Pop Will Eat Itself (also known as PWEI or the Poppies) were formed in Stourbridge, with band members from Birmingham.
*Robert “Fuzz” Townshend
*Kerry “The Buzzard” Hammond
An early permutation of the band formed in 1981 under the name From Eden; members included Clint Mansell, Adam Mole, Chris Fradgley, Malcolm Treece and Miles Hunt (Treece and Hunt famously went on to form The Wonder Stuff). After changing their name to Wild and Wandering (named after a Wasted Youth album) for a while and recruiting Richard March and Graham Crabb (Graham being the only respondent to replace Miles Hunt on drums), they eventually became Pop Will Eat Itself in 1986, taking the name from a quotation in an NME article about band Jamie Wednesday (later to become better known as Carter USM).
The band honed their songwriting skills with a string of catchy two-minute pop songs released on EPs both as Wild and Wandering and Pop Will Eat Itself. With the help of DJ John Peel, these EPs saw some airplay and enjoyed some popularity among university students. After the band feared they had accomplished all they could with their sound, they found new influences in hip hop acts such as the Beastie Boys, Run DMC and Public Enemy. Graham soon dropped the drum sticks for a mic and was replaced by a drum machine called “Dr. Nightmare.” Their style continued to develop with classics such as “There Is No Love Between Us Anymore’ and the anthemic “Def Con One”. As a result, PWEI were signed to major label RCA and they achieved top 40 hits with “Can U Dig It?” and “Wise Up! Sucker” off the album This Is the Day…This Is the Hour…This Is This!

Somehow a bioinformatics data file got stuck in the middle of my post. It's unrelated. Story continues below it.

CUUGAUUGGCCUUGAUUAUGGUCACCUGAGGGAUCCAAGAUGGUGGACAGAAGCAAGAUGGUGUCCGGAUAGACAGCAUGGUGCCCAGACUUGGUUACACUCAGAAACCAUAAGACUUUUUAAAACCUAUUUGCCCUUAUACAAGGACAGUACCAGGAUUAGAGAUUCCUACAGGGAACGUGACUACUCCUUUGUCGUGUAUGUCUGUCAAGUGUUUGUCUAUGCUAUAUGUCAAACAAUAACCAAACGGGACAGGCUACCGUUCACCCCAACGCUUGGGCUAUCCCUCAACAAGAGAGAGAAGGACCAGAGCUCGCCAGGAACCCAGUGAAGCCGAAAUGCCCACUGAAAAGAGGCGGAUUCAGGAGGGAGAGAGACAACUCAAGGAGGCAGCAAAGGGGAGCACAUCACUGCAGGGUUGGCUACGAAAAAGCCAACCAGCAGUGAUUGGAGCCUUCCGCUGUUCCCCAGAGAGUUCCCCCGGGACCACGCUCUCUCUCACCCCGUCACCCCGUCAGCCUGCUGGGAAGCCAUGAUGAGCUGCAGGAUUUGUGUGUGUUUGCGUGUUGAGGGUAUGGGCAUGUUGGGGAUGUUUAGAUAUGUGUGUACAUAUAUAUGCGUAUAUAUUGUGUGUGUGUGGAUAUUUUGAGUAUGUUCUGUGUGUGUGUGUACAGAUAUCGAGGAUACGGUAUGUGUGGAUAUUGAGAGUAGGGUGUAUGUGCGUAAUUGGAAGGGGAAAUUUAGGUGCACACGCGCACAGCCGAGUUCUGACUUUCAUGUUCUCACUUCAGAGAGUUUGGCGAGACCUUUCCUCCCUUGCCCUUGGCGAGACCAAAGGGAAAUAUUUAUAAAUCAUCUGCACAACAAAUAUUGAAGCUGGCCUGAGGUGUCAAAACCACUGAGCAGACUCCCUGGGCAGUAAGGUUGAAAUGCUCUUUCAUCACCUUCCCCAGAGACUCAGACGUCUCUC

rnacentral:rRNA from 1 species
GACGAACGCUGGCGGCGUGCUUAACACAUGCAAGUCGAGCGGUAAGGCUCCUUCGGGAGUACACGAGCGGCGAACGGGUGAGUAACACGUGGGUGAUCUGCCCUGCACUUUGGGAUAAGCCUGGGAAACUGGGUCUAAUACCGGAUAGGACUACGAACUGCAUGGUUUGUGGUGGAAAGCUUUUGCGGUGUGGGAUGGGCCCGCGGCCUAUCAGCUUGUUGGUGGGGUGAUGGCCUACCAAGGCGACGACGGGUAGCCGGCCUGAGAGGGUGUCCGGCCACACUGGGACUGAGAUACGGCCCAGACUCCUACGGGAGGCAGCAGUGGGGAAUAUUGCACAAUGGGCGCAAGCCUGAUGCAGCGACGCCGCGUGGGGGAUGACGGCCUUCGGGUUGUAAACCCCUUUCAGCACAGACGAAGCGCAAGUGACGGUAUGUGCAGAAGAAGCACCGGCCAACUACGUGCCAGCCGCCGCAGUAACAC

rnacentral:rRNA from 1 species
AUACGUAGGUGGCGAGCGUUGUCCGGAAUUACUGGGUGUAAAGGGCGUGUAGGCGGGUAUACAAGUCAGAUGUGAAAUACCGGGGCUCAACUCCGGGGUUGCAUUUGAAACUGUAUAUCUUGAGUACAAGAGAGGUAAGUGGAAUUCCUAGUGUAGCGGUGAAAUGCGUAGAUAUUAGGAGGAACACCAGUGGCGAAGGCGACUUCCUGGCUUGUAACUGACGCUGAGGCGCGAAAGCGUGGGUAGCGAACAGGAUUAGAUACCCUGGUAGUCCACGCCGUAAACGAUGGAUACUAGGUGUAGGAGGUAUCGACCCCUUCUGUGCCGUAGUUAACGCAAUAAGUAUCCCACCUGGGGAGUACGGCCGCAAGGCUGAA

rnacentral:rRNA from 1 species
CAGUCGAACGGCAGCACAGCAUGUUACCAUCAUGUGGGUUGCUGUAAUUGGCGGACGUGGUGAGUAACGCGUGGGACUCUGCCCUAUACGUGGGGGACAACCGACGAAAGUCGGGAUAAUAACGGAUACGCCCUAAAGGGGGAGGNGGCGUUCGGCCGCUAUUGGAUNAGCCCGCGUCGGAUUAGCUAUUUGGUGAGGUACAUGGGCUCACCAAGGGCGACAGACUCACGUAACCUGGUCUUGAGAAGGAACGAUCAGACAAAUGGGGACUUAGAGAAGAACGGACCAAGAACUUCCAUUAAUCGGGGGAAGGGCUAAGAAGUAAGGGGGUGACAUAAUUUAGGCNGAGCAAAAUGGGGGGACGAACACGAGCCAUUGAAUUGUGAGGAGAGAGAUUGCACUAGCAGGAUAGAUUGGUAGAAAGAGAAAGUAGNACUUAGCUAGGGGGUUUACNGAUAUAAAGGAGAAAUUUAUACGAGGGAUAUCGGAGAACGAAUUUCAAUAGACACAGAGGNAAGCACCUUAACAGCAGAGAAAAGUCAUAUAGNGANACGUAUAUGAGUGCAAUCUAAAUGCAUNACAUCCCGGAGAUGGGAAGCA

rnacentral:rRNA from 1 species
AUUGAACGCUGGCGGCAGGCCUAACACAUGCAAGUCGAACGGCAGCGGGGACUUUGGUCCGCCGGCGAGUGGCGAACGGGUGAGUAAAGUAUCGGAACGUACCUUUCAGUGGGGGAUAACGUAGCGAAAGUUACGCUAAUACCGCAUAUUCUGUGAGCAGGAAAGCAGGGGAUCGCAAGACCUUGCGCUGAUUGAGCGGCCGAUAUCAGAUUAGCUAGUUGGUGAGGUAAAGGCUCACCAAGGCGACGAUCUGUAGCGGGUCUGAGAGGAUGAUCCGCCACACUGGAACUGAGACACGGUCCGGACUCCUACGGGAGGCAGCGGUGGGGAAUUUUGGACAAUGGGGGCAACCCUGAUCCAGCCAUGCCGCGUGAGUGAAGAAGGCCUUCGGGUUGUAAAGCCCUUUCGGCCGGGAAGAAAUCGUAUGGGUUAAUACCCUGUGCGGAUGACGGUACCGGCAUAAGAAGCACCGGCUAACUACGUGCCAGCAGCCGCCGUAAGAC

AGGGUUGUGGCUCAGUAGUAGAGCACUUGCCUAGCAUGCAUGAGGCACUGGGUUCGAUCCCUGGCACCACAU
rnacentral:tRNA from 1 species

RCA’s larger studio budget allowed the band to develop its potential further, and they released 3 successful albums on that label. The first two (…This is This! and Cure for Sanity) were recorded with the aid of legendary producer Flood, known for his work with Nine Inch Nails, U2, Depeche Mode and many other popular 90s groups. Cure for Sanity was perhaps PWEI’s most experimental album, with a more electronic sound than previous efforts. RCA, meanwhile, was more interested in chart success and so wanted the band to cut the lengthy instrumentals from their songs.
On 1992’s The Looks or The Lifestyle, the band recruited a live drummer to complement their standard array of loops and pre-programmed drums and brought back some live guitars. The record was their most commercial and polished work to date and featured top 20 hits like ‘Karmadrome’ and ‘Bulletproof.’ By January 1993, however, the band’s biggest supporters at RCA had left the company, and the remaining executives didn’t understand the band or their music.  The band was dropped from the label before the ‘Get the Girl! Kill the Baddies!’ single was released. Ironically, the single went on to peak at number 9 on the UK singles chart, becoming the band’s biggest hit ever. Because of this, the band became the first ever to perform on Top of the Pops without being on a record label. The British National Party had recently caused an uproar in Tower Hamlets by winning a council seat, and it looked possible that the UK would see a revival in far right politics. In response to this, The Looks or the Lifestyle introduced a hitherto understated political angle, as the album inlay used the “red arrow” emblem of the Anti Nazi League and offered the organisation’s address.
Getting dropped from RCA turned out to be a blessing for the Poppies, as the label agreed to write off the massive debts that the band had accumulated in studio fees in return for PWEI’s back catalogue. After a minor bidding war, the Poppies decided to sign to Infectious Records, a label recently started by friend Korda Marshell (who had signed them to RCA in the first place but had since left the label) that offered them the artistic freedom they required.